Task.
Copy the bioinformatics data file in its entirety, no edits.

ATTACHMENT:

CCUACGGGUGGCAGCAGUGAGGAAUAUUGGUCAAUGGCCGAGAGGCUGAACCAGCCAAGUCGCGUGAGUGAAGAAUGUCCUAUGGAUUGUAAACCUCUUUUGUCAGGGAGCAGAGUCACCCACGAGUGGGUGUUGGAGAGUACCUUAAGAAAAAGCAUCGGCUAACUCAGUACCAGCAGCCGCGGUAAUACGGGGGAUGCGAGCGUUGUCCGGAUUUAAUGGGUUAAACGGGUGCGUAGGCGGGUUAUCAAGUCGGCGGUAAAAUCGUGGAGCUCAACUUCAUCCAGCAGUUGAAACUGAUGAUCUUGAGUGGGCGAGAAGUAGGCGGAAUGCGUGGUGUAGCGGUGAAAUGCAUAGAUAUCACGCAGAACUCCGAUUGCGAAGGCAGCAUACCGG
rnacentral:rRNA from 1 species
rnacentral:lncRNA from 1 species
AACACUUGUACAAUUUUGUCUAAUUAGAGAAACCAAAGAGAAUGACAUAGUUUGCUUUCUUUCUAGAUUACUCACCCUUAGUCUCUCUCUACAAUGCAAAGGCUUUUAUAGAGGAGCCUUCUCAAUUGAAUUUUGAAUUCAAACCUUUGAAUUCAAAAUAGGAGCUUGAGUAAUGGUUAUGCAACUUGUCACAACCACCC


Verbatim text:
CCUACGGGUGGCAGCAGUGAGGAAUAUUGGUCAAUGGCCGAGAGGCUGAACCAGCCAAGUCGCGUGAGUGAAGAAUGUCCUAUGGAUUGUAAACCUCUUUUGUCAGGGAGCAGAGUCACCCACGAGUGGGUGUUGGAGAGUACCUUAAGAAAAAGCAUCGGCUAACUCAGUACCAGCAGCCGCGGUAAUACGGGGGAUGCGAGCGUUGUCCGGAUUUAAUGGGUUAAACGGGUGCGUAGGCGGGUUAUCAAGUCGGCGGUAAAAUCGUGGAGCUCAACUUCAUCCAGCAGUUGAAACUGAUGAUCUUGAGUGGGCGAGAAGUAGGCGGAAUGCGUGGUGUAGCGGUGAAAUGCAUAGAUAUCACGCAGAACUCCGAUUGCGAAGGCAGCAUACCGG
rnacentral:rRNA from 1 species
rnacentral:lncRNA from 1 species
AACACUUGUACAAUUUUGUCUAAUUAGAGAAACCAAAGAGAAUGACAUAGUUUGCUUUCUUUCUAGAUUACUCACCCUUAGUCUCUCUCUACAAUGCAAAGGCUUUUAUAGAGGAGCCUUCUCAAUUGAAUUUUGAAUUCAAACCUUUGAAUUCAAAAUAGGAGCUUGAGUAAUGGUUAUGCAACUUGUCACAACCACCC